SQL Server DTS Overhaul Boosts BI Features
Company is enhancing Yukon DTS’s support for data mining, OLAP, and data warehousing.
Even as Microsoft Corp. prepares its first-ever enterprise reporting component, the software giant is also revamping the SQL Server ETL facility—dubbed Data Transformation Services (DTS)—that it first introduced with SQL Server 7.0.
Earlier this month, attendees at Microsoft’s Professional Developers Conference got their first look at “Yukon,” the much-anticipated release of SQL Server. Microsoft has said that the next-generation version of DTS will be built into Yukon, which is expected to ship late next year or sometime in 2005.
That same week, the software giant published a DTS knowledgebase article—called “A Practical Guide to SQL Server Yukon Beta 1 DTS”—to its TechNet portal site. As the new guide makes clear, DTS has undergone a fundamental redesign as part of an effort to make it a more enterprise-grade ETL tool.
Like the integrated Analysis Services that Microsoft shipped with SQL Server 7.0, the first iteration of DTS proved to be enormously popular. As a result, when the software giant shipped SQL Server 2000, it introduced an incremental DTS upgrade as well. “We use Transformation Services for uploading big files into relational data and export out data also,” says one SQL Server administrator. “As far as the usage, I feel it is really fast and does give a decent programming model [to] experiment with.”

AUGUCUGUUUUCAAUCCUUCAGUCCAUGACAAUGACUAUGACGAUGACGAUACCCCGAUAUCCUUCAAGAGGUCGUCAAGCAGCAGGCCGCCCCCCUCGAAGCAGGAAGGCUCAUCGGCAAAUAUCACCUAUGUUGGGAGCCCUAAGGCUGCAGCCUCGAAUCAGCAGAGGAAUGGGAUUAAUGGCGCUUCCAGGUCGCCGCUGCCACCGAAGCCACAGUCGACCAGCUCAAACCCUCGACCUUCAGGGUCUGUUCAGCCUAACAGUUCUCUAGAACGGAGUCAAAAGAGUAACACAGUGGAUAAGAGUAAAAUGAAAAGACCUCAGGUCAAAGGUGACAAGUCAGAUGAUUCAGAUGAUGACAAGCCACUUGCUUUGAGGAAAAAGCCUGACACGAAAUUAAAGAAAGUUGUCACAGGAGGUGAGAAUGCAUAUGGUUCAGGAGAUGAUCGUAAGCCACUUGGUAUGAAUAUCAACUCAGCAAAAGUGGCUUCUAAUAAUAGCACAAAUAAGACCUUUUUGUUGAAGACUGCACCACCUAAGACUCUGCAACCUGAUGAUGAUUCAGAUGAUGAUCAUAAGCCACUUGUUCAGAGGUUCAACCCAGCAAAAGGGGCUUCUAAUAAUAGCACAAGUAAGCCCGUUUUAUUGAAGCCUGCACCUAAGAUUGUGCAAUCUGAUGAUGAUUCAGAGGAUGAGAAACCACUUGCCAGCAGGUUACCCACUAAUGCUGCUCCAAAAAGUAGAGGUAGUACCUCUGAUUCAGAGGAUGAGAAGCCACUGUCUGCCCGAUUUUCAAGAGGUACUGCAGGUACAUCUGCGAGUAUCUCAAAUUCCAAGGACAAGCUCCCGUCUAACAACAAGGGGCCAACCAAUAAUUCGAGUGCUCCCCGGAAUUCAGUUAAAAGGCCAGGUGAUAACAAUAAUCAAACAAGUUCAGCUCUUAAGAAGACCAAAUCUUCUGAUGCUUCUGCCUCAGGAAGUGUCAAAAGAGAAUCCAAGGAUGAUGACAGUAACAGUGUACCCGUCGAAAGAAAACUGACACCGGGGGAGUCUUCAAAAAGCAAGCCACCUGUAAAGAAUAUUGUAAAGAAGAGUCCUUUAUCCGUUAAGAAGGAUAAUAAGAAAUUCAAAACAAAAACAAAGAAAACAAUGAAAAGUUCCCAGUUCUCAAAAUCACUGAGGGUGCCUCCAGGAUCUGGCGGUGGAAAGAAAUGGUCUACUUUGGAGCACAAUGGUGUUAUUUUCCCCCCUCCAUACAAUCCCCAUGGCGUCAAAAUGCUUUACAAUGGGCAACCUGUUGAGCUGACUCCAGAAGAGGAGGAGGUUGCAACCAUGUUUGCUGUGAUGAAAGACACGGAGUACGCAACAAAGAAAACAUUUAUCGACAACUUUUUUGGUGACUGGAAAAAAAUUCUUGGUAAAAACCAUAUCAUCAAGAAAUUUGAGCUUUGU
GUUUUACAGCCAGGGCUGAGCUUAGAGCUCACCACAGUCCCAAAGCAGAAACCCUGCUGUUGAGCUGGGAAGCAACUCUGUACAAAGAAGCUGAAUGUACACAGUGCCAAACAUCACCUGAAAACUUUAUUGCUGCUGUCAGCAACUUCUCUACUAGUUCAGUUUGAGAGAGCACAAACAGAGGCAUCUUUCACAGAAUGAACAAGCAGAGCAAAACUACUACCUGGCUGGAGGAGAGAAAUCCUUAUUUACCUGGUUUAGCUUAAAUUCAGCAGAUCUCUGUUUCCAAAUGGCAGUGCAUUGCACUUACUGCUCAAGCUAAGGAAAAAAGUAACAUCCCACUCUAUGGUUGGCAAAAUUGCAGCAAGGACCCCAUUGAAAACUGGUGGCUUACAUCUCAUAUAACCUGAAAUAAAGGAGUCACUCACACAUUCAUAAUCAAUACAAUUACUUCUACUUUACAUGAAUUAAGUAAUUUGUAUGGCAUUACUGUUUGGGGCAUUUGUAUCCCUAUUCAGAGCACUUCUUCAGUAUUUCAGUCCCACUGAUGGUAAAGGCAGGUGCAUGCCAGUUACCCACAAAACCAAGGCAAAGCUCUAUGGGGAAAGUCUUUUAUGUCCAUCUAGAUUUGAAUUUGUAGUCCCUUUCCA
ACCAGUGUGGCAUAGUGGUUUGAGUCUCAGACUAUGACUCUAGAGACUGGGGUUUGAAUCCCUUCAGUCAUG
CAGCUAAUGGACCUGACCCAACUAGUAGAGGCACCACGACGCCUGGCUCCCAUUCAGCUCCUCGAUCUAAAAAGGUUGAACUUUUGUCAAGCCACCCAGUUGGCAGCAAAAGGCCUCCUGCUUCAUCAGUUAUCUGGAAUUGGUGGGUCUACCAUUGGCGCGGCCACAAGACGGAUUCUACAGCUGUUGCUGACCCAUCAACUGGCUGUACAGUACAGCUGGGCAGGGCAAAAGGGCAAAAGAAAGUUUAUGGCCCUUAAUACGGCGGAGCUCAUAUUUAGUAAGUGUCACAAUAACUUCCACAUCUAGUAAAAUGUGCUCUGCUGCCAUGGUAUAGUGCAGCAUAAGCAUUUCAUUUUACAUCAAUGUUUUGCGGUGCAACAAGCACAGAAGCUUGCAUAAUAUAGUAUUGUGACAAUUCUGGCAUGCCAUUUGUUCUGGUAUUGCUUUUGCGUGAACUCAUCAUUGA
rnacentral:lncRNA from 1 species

Like all first-generation Microsoft products, however, DTS apparently had a few bugs. “DTS has issues and the more I use it the more I tend not to use it,” says one SQL Server administrator who develops SQL Server reporting solutions as a side business. “[I] have had problems with jobs locking up after a few months worth of regular usage.” He concedes, however, that DTS “is fine for quick wizard operations” such as exporting or importing data.
When it’s finished, Microsoft says the revision of DTS will be more usable and manageable and should also require less coding to achieve more complex results.
According to the new DTS guide, many of the design and administration methods implemented in the first version of DTS have been completely redesigned in the Yukon variant, which—among other changes—introduces two new "Workbench" features (“BI Workbench” and “SQL Server Workbench”) that allow developers and SQL DBAs to focus on what they do best.
Nevertheless, existing users of DTS probably have little to worry about: Packages designed for the first version of DTS should run just fine in Yukon DTS, which—in addition to its own native runtime—also includes an implementation of the DTS for SQL Server 2000 runtime. In addition, developers can repackage their legacy DTS packages as Yukon packages and run them with a new task that Microsoft is calling “ExecuteDTS2000 Package.” Finally, the next version of DTS includes a Migration Wizard that’s designed to migrate packages created in DTS for SQL Server 2000 to the Yukon variant. It’s expected that the Migration Wizard will be a less-than-ideal solution for heavily scripted packages, however.
Microsoft says that DTS’ new BI Workbench won’t require developers establish a direct connection to SQL Server as they design packages nor when they’re ready to save their work. Instead, Microsoft says, work can be saved into project folders, after the manner of Visual Studio.NET. Among other features, BI Workbench also features direct integration with Microsoft’s Visual SourceSafe (VSS) tool, such that as developers make changes to projects that are in progress, they can automatically be checked into VSS.